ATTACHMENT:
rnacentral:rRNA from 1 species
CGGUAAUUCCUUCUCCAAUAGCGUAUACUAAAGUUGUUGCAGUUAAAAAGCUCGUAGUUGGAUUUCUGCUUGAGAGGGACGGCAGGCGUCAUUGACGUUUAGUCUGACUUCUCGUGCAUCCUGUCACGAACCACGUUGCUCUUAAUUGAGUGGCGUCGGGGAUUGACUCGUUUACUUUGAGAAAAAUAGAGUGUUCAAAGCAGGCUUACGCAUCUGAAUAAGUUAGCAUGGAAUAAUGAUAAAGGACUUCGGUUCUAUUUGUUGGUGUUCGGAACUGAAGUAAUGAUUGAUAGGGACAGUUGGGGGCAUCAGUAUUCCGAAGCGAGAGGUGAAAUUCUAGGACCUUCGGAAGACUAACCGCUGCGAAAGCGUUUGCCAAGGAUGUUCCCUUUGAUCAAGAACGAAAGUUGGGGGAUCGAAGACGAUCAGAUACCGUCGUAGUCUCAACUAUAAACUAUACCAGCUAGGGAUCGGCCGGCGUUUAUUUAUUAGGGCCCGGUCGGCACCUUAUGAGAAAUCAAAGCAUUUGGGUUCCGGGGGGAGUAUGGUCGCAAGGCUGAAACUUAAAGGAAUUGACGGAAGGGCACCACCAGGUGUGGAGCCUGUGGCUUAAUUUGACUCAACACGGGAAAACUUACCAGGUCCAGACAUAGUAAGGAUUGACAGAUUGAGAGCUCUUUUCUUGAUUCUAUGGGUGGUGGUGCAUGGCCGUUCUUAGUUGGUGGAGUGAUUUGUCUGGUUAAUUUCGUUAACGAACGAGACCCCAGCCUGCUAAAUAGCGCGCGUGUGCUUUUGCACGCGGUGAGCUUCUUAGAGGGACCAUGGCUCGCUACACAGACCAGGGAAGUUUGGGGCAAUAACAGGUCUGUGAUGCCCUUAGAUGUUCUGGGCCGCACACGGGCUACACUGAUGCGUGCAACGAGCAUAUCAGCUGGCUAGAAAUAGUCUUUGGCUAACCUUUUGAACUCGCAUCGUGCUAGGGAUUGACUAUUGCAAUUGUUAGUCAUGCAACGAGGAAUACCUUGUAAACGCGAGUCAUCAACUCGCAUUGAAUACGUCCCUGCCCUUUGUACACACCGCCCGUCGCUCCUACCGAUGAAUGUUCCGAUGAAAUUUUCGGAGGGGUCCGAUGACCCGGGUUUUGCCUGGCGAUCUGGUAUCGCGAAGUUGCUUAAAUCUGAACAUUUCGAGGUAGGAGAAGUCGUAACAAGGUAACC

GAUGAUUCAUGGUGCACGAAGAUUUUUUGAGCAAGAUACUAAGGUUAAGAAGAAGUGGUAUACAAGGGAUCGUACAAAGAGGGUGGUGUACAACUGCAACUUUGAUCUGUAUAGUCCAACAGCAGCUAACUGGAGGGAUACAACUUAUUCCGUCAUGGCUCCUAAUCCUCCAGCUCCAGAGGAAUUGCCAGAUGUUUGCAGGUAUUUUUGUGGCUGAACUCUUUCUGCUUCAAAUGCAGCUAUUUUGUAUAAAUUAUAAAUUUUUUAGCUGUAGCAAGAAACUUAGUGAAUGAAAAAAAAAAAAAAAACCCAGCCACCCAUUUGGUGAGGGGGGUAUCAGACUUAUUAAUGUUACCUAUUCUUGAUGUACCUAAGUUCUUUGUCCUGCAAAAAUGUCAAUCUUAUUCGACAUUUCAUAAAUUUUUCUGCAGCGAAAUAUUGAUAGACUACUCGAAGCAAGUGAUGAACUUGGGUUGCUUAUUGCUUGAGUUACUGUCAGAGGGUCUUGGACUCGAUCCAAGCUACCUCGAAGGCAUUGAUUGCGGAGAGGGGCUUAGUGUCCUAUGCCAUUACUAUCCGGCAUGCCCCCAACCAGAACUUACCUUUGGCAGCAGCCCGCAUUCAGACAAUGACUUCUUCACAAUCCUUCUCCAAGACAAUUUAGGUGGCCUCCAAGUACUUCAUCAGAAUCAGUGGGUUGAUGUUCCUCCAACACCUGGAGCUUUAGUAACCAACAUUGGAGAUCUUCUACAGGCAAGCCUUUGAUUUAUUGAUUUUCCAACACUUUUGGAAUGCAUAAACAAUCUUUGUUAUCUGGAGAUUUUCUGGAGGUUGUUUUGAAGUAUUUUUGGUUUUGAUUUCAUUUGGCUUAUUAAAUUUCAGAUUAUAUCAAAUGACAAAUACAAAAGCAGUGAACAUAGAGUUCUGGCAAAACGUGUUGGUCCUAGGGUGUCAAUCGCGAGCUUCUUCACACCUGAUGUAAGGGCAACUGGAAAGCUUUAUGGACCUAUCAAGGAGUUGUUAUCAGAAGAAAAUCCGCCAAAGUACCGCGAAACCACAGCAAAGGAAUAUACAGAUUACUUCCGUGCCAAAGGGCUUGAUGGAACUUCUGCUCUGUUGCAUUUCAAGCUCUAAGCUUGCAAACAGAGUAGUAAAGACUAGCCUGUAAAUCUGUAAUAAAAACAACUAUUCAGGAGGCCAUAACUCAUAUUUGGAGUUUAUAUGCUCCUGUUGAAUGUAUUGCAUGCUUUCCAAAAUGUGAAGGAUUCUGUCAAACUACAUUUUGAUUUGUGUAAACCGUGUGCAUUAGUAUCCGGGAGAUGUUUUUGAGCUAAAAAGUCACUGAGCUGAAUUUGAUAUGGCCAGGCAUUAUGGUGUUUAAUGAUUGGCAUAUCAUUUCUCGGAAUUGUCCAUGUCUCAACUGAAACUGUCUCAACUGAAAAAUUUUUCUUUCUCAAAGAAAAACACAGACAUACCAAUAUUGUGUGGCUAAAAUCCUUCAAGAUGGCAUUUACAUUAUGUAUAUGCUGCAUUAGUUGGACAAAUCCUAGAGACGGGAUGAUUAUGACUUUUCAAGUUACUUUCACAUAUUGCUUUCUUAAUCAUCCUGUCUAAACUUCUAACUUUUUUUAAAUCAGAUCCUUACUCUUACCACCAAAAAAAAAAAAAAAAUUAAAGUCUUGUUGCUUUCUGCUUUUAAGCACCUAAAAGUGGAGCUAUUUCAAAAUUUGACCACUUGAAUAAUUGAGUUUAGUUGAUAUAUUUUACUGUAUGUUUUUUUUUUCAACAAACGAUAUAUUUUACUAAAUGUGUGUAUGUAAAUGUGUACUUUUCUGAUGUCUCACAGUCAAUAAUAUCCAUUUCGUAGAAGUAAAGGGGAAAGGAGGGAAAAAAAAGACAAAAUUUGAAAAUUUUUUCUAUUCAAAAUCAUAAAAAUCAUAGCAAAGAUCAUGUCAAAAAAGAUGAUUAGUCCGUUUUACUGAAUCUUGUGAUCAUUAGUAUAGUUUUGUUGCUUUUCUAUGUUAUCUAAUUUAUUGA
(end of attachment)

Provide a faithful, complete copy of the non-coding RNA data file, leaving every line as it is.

rnacentral:rRNA from 1 species
CGGUAAUUCCUUCUCCAAUAGCGUAUACUAAAGUUGUUGCAGUUAAAAAGCUCGUAGUUGGAUUUCUGCUUGAGAGGGACGGCAGGCGUCAUUGACGUUUAGUCUGACUUCUCGUGCAUCCUGUCACGAACCACGUUGCUCUUAAUUGAGUGGCGUCGGGGAUUGACUCGUUUACUUUGAGAAAAAUAGAGUGUUCAAAGCAGGCUUACGCAUCUGAAUAAGUUAGCAUGGAAUAAUGAUAAAGGACUUCGGUUCUAUUUGUUGGUGUUCGGAACUGAAGUAAUGAUUGAUAGGGACAGUUGGGGGCAUCAGUAUUCCGAAGCGAGAGGUGAAAUUCUAGGACCUUCGGAAGACUAACCGCUGCGAAAGCGUUUGCCAAGGAUGUUCCCUUUGAUCAAGAACGAAAGUUGGGGGAUCGAAGACGAUCAGAUACCGUCGUAGUCUCAACUAUAAACUAUACCAGCUAGGGAUCGGCCGGCGUUUAUUUAUUAGGGCCCGGUCGGCACCUUAUGAGAAAUCAAAGCAUUUGGGUUCCGGGGGGAGUAUGGUCGCAAGGCUGAAACUUAAAGGAAUUGACGGAAGGGCACCACCAGGUGUGGAGCCUGUGGCUUAAUUUGACUCAACACGGGAAAACUUACCAGGUCCAGACAUAGUAAGGAUUGACAGAUUGAGAGCUCUUUUCUUGAUUCUAUGGGUGGUGGUGCAUGGCCGUUCUUAGUUGGUGGAGUGAUUUGUCUGGUUAAUUUCGUUAACGAACGAGACCCCAGCCUGCUAAAUAGCGCGCGUGUGCUUUUGCACGCGGUGAGCUUCUUAGAGGGACCAUGGCUCGCUACACAGACCAGGGAAGUUUGGGGCAAUAACAGGUCUGUGAUGCCCUUAGAUGUUCUGGGCCGCACACGGGCUACACUGAUGCGUGCAACGAGCAUAUCAGCUGGCUAGAAAUAGUCUUUGGCUAACCUUUUGAACUCGCAUCGUGCUAGGGAUUGACUAUUGCAAUUGUUAGUCAUGCAACGAGGAAUACCUUGUAAACGCGAGUCAUCAACUCGCAUUGAAUACGUCCCUGCCCUUUGUACACACCGCCCGUCGCUCCUACCGAUGAAUGUUCCGAUGAAAUUUUCGGAGGGGUCCGAUGACCCGGGUUUUGCCUGGCGAUCUGGUAUCGCGAAGUUGCUUAAAUCUGAACAUUUCGAGGUAGGAGAAGUCGUAACAAGGUAACC

GAUGAUUCAUGGUGCACGAAGAUUUUUUGAGCAAGAUACUAAGGUUAAGAAGAAGUGGUAUACAAGGGAUCGUACAAAGAGGGUGGUGUACAACUGCAACUUUGAUCUGUAUAGUCCAACAGCAGCUAACUGGAGGGAUACAACUUAUUCCGUCAUGGCUCCUAAUCCUCCAGCUCCAGAGGAAUUGCCAGAUGUUUGCAGGUAUUUUUGUGGCUGAACUCUUUCUGCUUCAAAUGCAGCUAUUUUGUAUAAAUUAUAAAUUUUUUAGCUGUAGCAAGAAACUUAGUGAAUGAAAAAAAAAAAAAAAACCCAGCCACCCAUUUGGUGAGGGGGGUAUCAGACUUAUUAAUGUUACCUAUUCUUGAUGUACCUAAGUUCUUUGUCCUGCAAAAAUGUCAAUCUUAUUCGACAUUUCAUAAAUUUUUCUGCAGCGAAAUAUUGAUAGACUACUCGAAGCAAGUGAUGAACUUGGGUUGCUUAUUGCUUGAGUUACUGUCAGAGGGUCUUGGACUCGAUCCAAGCUACCUCGAAGGCAUUGAUUGCGGAGAGGGGCUUAGUGUCCUAUGCCAUUACUAUCCGGCAUGCCCCCAACCAGAACUUACCUUUGGCAGCAGCCCGCAUUCAGACAAUGACUUCUUCACAAUCCUUCUCCAAGACAAUUUAGGUGGCCUCCAAGUACUUCAUCAGAAUCAGUGGGUUGAUGUUCCUCCAACACCUGGAGCUUUAGUAACCAACAUUGGAGAUCUUCUACAGGCAAGCCUUUGAUUUAUUGAUUUUCCAACACUUUUGGAAUGCAUAAACAAUCUUUGUUAUCUGGAGAUUUUCUGGAGGUUGUUUUGAAGUAUUUUUGGUUUUGAUUUCAUUUGGCUUAUUAAAUUUCAGAUUAUAUCAAAUGACAAAUACAAAAGCAGUGAACAUAGAGUUCUGGCAAAACGUGUUGGUCCUAGGGUGUCAAUCGCGAGCUUCUUCACACCUGAUGUAAGGGCAACUGGAAAGCUUUAUGGACCUAUCAAGGAGUUGUUAUCAGAAGAAAAUCCGCCAAAGUACCGCGAAACCACAGCAAAGGAAUAUACAGAUUACUUCCGUGCCAAAGGGCUUGAUGGAACUUCUGCUCUGUUGCAUUUCAAGCUCUAAGCUUGCAAACAGAGUAGUAAAGACUAGCCUGUAAAUCUGUAAUAAAAACAACUAUUCAGGAGGCCAUAACUCAUAUUUGGAGUUUAUAUGCUCCUGUUGAAUGUAUUGCAUGCUUUCCAAAAUGUGAAGGAUUCUGUCAAACUACAUUUUGAUUUGUGUAAACCGUGUGCAUUAGUAUCCGGGAGAUGUUUUUGAGCUAAAAAGUCACUGAGCUGAAUUUGAUAUGGCCAGGCAUUAUGGUGUUUAAUGAUUGGCAUAUCAUUUCUCGGAAUUGUCCAUGUCUCAACUGAAACUGUCUCAACUGAAAAAUUUUUCUUUCUCAAAGAAAAACACAGACAUACCAAUAUUGUGUGGCUAAAAUCCUUCAAGAUGGCAUUUACAUUAUGUAUAUGCUGCAUUAGUUGGACAAAUCCUAGAGACGGGAUGAUUAUGACUUUUCAAGUUACUUUCACAUAUUGCUUUCUUAAUCAUCCUGUCUAAACUUCUAACUUUUUUUAAAUCAGAUCCUUACUCUUACCACCAAAAAAAAAAAAAAAAUUAAAGUCUUGUUGCUUUCUGCUUUUAAGCACCUAAAAGUGGAGCUAUUUCAAAAUUUGACCACUUGAAUAAUUGAGUUUAGUUGAUAUAUUUUACUGUAUGUUUUUUUUUUCAACAAACGAUAUAUUUUACUAAAUGUGUGUAUGUAAAUGUGUACUUUUCUGAUGUCUCACAGUCAAUAAUAUCCAUUUCGUAGAAGUAAAGGGGAAAGGAGGGAAAAAAAAGACAAAAUUUGAAAAUUUUUUCUAUUCAAAAUCAUAAAAAUCAUAGCAAAGAUCAUGUCAAAAAAGAUGAUUAGUCCGUUUUACUGAAUCUUGUGAUCAUUAGUAUAGUUUUGUUGCUUUUCUAUGUUAUCUAAUUUAUUGA